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Gingival tissue human beta-defensin levels in relation to infection and inflammation.

Authors
  • Özdemir, Meltem1, 2
  • Caglayan, Feriha2
  • Bikker, Floris J3
  • Pussinen, Pirkko4
  • Könönen, Eija1, 5
  • Yamalik, Nermin2
  • Gürsoy, Mervi1
  • Fteita, Dareen1
  • Nazmi, Kamran3
  • Güncü, Güliz N2
  • Pietiäinen, Milla4
  • Tolvanen, Mimmi1
  • Gürsoy, Ulvi Kahraman1
  • 1 Department of Periodontology, Institute of Dentistry, University of Turku, Turku, Finland. , (Finland)
  • 2 Department of Periodontology, Faculty of Dentistry, Hacettepe University, Ankara, Turkey. , (Turkey)
  • 3 Department of Oral Biochemistry, Academic Centre for Dentistry Amsterdam, Free University and University of Amsterdam, Amsterdam, The Netherlands. , (Netherlands)
  • 4 Department of Oral and Maxillofacial Diseases, University of Helsinki, Helsinki, Finland. , (Finland)
  • 5 Oral Health Care, Welfare Division, City of Turku, Turku, Finland. , (Finland)
Type
Published Article
Journal
Journal Of Clinical Periodontology
Publisher
Wiley (Blackwell Publishing)
Publication Date
Dec 03, 2019
Identifiers
DOI: 10.1111/jcpe.13227
PMID: 31799742
Source
Medline
Keywords
Language
English
License
Unknown

Abstract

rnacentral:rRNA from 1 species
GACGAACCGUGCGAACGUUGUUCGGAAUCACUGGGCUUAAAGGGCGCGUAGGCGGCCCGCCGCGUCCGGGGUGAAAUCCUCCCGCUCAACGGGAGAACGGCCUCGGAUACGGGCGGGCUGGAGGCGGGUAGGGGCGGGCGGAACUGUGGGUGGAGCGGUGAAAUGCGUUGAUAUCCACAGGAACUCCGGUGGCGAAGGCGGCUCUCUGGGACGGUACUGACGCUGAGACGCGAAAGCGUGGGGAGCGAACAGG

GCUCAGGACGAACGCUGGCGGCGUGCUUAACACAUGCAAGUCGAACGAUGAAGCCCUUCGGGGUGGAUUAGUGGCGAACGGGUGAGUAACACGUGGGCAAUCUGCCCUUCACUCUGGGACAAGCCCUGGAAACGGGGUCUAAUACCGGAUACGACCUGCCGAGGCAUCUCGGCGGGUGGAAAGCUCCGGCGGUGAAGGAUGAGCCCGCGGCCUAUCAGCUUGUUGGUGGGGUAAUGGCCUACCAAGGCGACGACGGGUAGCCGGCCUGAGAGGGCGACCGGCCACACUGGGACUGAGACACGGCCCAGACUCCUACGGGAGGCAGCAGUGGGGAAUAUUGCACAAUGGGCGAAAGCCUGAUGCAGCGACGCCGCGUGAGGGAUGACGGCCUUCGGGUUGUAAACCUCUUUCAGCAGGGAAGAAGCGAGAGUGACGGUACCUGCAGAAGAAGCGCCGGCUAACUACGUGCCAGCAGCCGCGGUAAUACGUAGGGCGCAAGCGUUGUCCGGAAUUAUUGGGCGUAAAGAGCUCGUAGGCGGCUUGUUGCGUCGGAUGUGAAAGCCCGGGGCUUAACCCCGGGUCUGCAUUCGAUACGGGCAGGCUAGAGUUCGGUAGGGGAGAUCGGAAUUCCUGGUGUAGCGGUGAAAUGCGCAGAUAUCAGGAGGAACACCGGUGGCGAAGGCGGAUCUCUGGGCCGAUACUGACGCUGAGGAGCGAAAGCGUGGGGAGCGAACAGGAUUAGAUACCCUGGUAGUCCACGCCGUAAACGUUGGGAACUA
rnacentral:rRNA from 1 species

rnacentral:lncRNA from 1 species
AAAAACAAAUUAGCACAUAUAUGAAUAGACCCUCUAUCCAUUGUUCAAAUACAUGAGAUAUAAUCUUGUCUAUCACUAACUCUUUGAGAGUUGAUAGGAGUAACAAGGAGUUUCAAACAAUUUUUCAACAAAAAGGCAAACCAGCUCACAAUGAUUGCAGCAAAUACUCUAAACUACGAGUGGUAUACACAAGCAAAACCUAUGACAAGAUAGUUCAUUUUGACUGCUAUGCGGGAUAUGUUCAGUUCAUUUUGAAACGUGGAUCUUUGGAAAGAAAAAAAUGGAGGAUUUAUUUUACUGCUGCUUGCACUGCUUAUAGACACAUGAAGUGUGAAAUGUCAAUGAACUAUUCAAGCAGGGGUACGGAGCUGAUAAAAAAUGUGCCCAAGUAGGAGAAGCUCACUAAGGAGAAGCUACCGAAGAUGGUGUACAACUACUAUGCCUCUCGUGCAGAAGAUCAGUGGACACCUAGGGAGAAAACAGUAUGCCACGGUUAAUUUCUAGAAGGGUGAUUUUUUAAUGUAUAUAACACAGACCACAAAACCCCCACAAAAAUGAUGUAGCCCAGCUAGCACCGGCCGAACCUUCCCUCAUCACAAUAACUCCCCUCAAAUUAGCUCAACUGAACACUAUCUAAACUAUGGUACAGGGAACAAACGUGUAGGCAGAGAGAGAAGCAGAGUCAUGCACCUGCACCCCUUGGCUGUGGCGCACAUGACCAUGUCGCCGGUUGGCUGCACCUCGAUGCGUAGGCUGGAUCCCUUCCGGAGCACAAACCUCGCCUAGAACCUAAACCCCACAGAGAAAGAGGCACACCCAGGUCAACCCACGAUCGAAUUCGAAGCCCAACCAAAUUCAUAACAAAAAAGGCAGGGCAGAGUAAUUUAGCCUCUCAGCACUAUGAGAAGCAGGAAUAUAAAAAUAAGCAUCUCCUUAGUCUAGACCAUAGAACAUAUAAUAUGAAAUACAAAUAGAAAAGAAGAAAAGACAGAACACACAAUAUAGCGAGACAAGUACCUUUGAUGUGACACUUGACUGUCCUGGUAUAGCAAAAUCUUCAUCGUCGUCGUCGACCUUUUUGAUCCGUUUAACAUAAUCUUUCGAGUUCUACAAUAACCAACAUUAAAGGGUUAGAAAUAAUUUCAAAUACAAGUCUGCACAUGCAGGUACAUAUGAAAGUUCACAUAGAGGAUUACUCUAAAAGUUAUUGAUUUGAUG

To profile gingival tissue levels of human beta-defensin (hBD)-2 and hBD-3 in relation to gingival inflammation, Th17-related cytokine concentrations, Porphyromonas gingivalis counts, and gingipain and total protease activities. Gingival tissue and subgingival plaque samples were collected from 21 periodontitis patients including 48 periodontal pocket sites with marginal, mild, or moderate to severe inflammation. hBD levels were determined by immunodetection, P. gingivalis counts with real-time polymerase chain reaction, protease activities with fluorogenic substrates, and cytokine concentrations with Luminex technique. Data were statistically analysed using Kruskal-Wallis and Mann-Whitney U tests and Spearman correlation coefficients. Subgingival plaque counts of P. gingivalis (p = .001) and gingipain activity (p < .001), as well as interleukin (IL)-1β (p = .012), IL-10 (p = .024), IL-17A (p = .002), IL-17F (p = .006), and IL-23 (p = .036) concentrations were elevated in severely inflamed sites, whereas no change was observed in hBD-2 and hBD-3 levels. Negative correlations were found between protease activity and hBD-2 (p = .033) and hBD-3(p = .003) levels. Shift in gingival inflammation from marginal to mild stage is related to elevations in subgingival plaque P. gingivalis counts and gingipain activity, but not to tissue hBD levels. Negative correlations between hBDs and total protease activity suggest the degradation of these antimicrobial peptides in progressed inflammation. © 2019 John Wiley & Sons A/S. Published by John Wiley & Sons Ltd.

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